Page 1 of A New Book
Wednesday was probably one of the most significant days in my life. I began Benlysta, a treatment for Lupus.
Significant doesn’t even begin to explain the day…exciting, nerve-wracking, happy, sad, emotional, hopeful, overwhelmed. The list of feelings can go on and on.
I had cried happy tears a number of times leading up to the treatment. FINALLY I have a chance to treat the lupus rather than the just the symptoms.
I wasn’t nervous in the weeks leading up to the treatment. Overwhelmed? Sure. Excited? You bet. But I was not afraid…until about a day or two before. My nerves kicked into high gear. Considering my irrational fear of having an allergic reaction to medication, what the HELL was I doing having something injected into me? I knew I needed to do this though. I need my life back.
The night before my infusion, my boyfriend surprised me. He invited over family and friends to surprise and distract me and holy cow did it work. So many people kept walking through my front door and I was ecstatic. I stayed distracted and was beyond happy all night. My cheeks hurt from laughing so much. Everyone was there supporting me and I can’t express to them how grateful I am. I went to bed happy and hopeful, and knew that the next day was going to be the start of something great.
Ok…to be honest, I did not want to get out of bed the next morning. Getting out of bed made it real. I was enjoying sipping my coffee and watching the news from bed while my boyfriend packed blankets and puzzle books for me (I was being very selfish). Finally, 10 minutes before we had to leave, I got up, got dressed and was out the door. Better to give myself no time to walk around worrying, right?
For anyone who doesn’t know about “expensive” medications like Benlysta, they won’t order it to be made until you arrive at the hospital/office/infusion center. If they order it and have it ready and then the patient doesn’t show up, there goes thousands of dollars wasted. This means waiting about an hour for them to weigh me, take vitals and call down to the pharmacy in the hospital.
Commence anxiety. Anticipation is a hell of a feeling…I just wanted to get started already. Luckily they were able to set me up with my IV fairly quickly (I have small veins and they thought they’d have to call the IV Team but after one try the amazing nurse got me). They pre-medicated me with Benadryl, which is given to ward off any possible side effects. I also took Klonopin (which is like Xanax) to calm my nerves. At this point I could’ve fallen asleep waiting for the medication with how doped up I was. I had an amazing support system in tow who kept me laughing despite being nervous themselves. It’s tough watching people who love you worry about you. I had to try to be brave for me, but I also had to be brave for them. Being sick doesn’t just affect me, it affects my family, friends and everyone in my life.
Finally it arrived. Like before, I was nervous, excited, and also pretty damn proud of myself. I was doing what had to be done to treat lupus. I had fought for months to get what was needed…and it was happening. The nurses had to act like Benlysta was Chemo, however. I’m not exactly sure why. I know they explained it to me because the waterworks had started, but I was a bit distracted. I’ll be sure to find out next time. Two nurses had to set up the drug dressed in gowns and with gloves while “HIGH RISK” and “CHEMO” is written all over the IV bag. The next thing I knew, it was set up, I was good to go, and I calmed down. Anticipation really can get the best of you. In my head, the worst part was already over, and now I just had to sit back and wait an hour for the juice to get pumped into me.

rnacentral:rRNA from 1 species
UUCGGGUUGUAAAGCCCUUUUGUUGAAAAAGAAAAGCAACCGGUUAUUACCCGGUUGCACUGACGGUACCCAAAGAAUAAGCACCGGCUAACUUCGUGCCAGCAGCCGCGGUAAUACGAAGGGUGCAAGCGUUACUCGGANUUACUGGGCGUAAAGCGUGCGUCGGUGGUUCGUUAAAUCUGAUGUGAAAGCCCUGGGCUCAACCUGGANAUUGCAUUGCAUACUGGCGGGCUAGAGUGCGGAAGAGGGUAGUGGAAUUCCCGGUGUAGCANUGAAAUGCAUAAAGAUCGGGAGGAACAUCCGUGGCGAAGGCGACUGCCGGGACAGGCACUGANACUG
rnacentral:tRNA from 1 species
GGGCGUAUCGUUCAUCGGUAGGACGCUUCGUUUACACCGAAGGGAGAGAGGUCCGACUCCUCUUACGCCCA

About 10 minutes into the infusion I had some complications. I’m talking intense burning and pain in my chest, head and hands to the point where I basically yelled for the nurses because I knew something was not right. They stopped the infusion immediately and flushed me with saline. Within a few minutes the pain lessened…not completely, but enough where I didn’t want to rip the IV out of my arm anymore. They called the covering rheumatologist who suggested slowing down the drip because some people tolerate that better. At this point I had so many thoughts racing through my head. I did NOT want to feel that pain again, but I NEEDED this medication in me. I was not going to give up. I want this to work so badly, so I was going to try whatever I could to get this medication inside of me.
Before the infusion, I had spoken to a lot of people about Benlysta and the number one suggestion if side effects were felt was slowing down the drip. So they started me again very slow and I felt fine. Gradually, they increased the speed but I still ended up being there for almost five hours in total. The only side effects I started feeling during the rest of the infusion was intense dizziness. Also, I had a low grade temperature but the nurses said as long as it didn’t get to 101 degrees I didn’t have to call the doctor. My mom held my hand walking to the car and I laid down the rest of the evening. I woke up a few times in the middle of the night, but one of the side effects is insomnia so I knew that was normal.
It’s been five days since my first infusion, and I can say that I don’t feel any worse than I have felt with my flare the last few months…just different. Dizziness, migraines, nausea, joint pain and feeling like I have the flu. I’ve also had a low grade fever which comes and goes but hasn’t gotten that high. I can’t really get up and walk around without feeling dizzy so I’ve been in bed watching lots of netflix and reading when my headaches calm down for a bit.
Infusion #2 in a week and a half…bring it on. 💪
Check out the video below to see how Benlysta works, or click on the Benlysta Website to read more about the medication.